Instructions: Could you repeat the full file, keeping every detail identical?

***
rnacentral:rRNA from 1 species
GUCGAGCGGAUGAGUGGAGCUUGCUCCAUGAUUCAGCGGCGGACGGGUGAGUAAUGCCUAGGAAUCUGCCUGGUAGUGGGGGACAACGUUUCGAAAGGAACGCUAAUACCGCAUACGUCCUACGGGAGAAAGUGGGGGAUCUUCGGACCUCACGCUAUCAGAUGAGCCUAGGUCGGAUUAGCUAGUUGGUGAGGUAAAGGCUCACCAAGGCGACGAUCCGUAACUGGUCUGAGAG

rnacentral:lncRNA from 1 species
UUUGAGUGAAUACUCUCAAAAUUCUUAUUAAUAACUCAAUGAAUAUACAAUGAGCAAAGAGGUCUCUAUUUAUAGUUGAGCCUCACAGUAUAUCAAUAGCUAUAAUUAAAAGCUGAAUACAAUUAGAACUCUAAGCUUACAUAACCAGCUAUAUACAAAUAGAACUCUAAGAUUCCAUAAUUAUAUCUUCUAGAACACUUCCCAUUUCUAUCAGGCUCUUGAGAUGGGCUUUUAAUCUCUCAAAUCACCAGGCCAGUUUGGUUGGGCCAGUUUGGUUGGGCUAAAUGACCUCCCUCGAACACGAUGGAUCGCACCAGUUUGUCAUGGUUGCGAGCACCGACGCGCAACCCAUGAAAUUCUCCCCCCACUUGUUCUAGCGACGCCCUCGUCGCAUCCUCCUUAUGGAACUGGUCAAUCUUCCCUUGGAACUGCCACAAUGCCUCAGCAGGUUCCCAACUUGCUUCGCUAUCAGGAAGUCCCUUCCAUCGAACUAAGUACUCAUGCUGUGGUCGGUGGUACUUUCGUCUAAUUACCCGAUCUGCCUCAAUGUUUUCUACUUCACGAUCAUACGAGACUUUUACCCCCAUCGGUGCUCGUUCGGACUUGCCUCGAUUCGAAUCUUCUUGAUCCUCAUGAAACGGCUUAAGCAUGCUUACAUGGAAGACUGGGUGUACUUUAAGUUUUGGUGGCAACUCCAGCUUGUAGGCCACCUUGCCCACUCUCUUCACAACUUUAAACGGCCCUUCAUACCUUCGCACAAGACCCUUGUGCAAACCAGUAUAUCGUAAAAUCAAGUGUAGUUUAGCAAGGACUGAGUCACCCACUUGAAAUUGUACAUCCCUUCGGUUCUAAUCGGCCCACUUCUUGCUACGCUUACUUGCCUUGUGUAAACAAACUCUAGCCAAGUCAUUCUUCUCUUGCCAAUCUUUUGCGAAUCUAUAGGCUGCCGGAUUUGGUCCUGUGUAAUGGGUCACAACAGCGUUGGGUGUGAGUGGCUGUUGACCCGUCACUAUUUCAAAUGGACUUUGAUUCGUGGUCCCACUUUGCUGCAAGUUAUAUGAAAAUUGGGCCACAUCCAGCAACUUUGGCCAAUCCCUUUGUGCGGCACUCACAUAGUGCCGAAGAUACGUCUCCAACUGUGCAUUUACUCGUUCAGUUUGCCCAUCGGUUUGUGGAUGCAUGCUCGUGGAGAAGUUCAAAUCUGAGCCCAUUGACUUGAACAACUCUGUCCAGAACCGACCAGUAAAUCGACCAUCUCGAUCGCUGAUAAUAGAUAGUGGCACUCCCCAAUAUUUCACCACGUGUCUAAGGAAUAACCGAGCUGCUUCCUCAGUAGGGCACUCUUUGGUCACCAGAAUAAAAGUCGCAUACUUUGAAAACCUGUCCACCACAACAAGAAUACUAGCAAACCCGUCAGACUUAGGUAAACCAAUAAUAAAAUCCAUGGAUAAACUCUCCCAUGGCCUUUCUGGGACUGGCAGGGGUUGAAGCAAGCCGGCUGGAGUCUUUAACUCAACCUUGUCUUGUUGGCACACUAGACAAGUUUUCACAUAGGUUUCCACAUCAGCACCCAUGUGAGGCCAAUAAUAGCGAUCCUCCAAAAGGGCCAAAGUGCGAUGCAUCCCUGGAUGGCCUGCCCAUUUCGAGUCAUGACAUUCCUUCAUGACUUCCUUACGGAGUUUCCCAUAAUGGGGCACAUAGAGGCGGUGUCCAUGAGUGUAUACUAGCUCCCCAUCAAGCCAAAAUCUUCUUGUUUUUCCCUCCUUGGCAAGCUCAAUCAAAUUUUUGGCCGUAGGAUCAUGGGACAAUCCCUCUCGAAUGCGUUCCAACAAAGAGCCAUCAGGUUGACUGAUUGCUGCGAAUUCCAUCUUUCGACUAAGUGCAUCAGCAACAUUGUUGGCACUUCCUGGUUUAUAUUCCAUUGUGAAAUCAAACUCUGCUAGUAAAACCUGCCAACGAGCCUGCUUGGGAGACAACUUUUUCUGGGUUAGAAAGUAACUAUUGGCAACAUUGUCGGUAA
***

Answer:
rnacentral:rRNA from 1 species
GUCGAGCGGAUGAGUGGAGCUUGCUCCAUGAUUCAGCGGCGGACGGGUGAGUAAUGCCUAGGAAUCUGCCUGGUAGUGGGGGACAACGUUUCGAAAGGAACGCUAAUACCGCAUACGUCCUACGGGAGAAAGUGGGGGAUCUUCGGACCUCACGCUAUCAGAUGAGCCUAGGUCGGAUUAGCUAGUUGGUGAGGUAAAGGCUCACCAAGGCGACGAUCCGUAACUGGUCUGAGAG

rnacentral:lncRNA from 1 species
UUUGAGUGAAUACUCUCAAAAUUCUUAUUAAUAACUCAAUGAAUAUACAAUGAGCAAAGAGGUCUCUAUUUAUAGUUGAGCCUCACAGUAUAUCAAUAGCUAUAAUUAAAAGCUGAAUACAAUUAGAACUCUAAGCUUACAUAACCAGCUAUAUACAAAUAGAACUCUAAGAUUCCAUAAUUAUAUCUUCUAGAACACUUCCCAUUUCUAUCAGGCUCUUGAGAUGGGCUUUUAAUCUCUCAAAUCACCAGGCCAGUUUGGUUGGGCCAGUUUGGUUGGGCUAAAUGACCUCCCUCGAACACGAUGGAUCGCACCAGUUUGUCAUGGUUGCGAGCACCGACGCGCAACCCAUGAAAUUCUCCCCCCACUUGUUCUAGCGACGCCCUCGUCGCAUCCUCCUUAUGGAACUGGUCAAUCUUCCCUUGGAACUGCCACAAUGCCUCAGCAGGUUCCCAACUUGCUUCGCUAUCAGGAAGUCCCUUCCAUCGAACUAAGUACUCAUGCUGUGGUCGGUGGUACUUUCGUCUAAUUACCCGAUCUGCCUCAAUGUUUUCUACUUCACGAUCAUACGAGACUUUUACCCCCAUCGGUGCUCGUUCGGACUUGCCUCGAUUCGAAUCUUCUUGAUCCUCAUGAAACGGCUUAAGCAUGCUUACAUGGAAGACUGGGUGUACUUUAAGUUUUGGUGGCAACUCCAGCUUGUAGGCCACCUUGCCCACUCUCUUCACAACUUUAAACGGCCCUUCAUACCUUCGCACAAGACCCUUGUGCAAACCAGUAUAUCGUAAAAUCAAGUGUAGUUUAGCAAGGACUGAGUCACCCACUUGAAAUUGUACAUCCCUUCGGUUCUAAUCGGCCCACUUCUUGCUACGCUUACUUGCCUUGUGUAAACAAACUCUAGCCAAGUCAUUCUUCUCUUGCCAAUCUUUUGCGAAUCUAUAGGCUGCCGGAUUUGGUCCUGUGUAAUGGGUCACAACAGCGUUGGGUGUGAGUGGCUGUUGACCCGUCACUAUUUCAAAUGGACUUUGAUUCGUGGUCCCACUUUGCUGCAAGUUAUAUGAAAAUUGGGCCACAUCCAGCAACUUUGGCCAAUCCCUUUGUGCGGCACUCACAUAGUGCCGAAGAUACGUCUCCAACUGUGCAUUUACUCGUUCAGUUUGCCCAUCGGUUUGUGGAUGCAUGCUCGUGGAGAAGUUCAAAUCUGAGCCCAUUGACUUGAACAACUCUGUCCAGAACCGACCAGUAAAUCGACCAUCUCGAUCGCUGAUAAUAGAUAGUGGCACUCCCCAAUAUUUCACCACGUGUCUAAGGAAUAACCGAGCUGCUUCCUCAGUAGGGCACUCUUUGGUCACCAGAAUAAAAGUCGCAUACUUUGAAAACCUGUCCACCACAACAAGAAUACUAGCAAACCCGUCAGACUUAGGUAAACCAAUAAUAAAAUCCAUGGAUAAACUCUCCCAUGGCCUUUCUGGGACUGGCAGGGGUUGAAGCAAGCCGGCUGGAGUCUUUAACUCAACCUUGUCUUGUUGGCACACUAGACAAGUUUUCACAUAGGUUUCCACAUCAGCACCCAUGUGAGGCCAAUAAUAGCGAUCCUCCAAAAGGGCCAAAGUGCGAUGCAUCCCUGGAUGGCCUGCCCAUUUCGAGUCAUGACAUUCCUUCAUGACUUCCUUACGGAGUUUCCCAUAAUGGGGCACAUAGAGGCGGUGUCCAUGAGUGUAUACUAGCUCCCCAUCAAGCCAAAAUCUUCUUGUUUUUCCCUCCUUGGCAAGCUCAAUCAAAUUUUUGGCCGUAGGAUCAUGGGACAAUCCCUCUCGAAUGCGUUCCAACAAAGAGCCAUCAGGUUGACUGAUUGCUGCGAAUUCCAUCUUUCGACUAAGUGCAUCAGCAACAUUGUUGGCACUUCCUGGUUUAUAUUCCAUUGUGAAAUCAAACUCUGCUAGUAAAACCUGCCAACGAGCCUGCUUGGGAGACAACUUUUUCUGGGUUAGAAAGUAACUAUUGGCAACAUUGUCGGUAA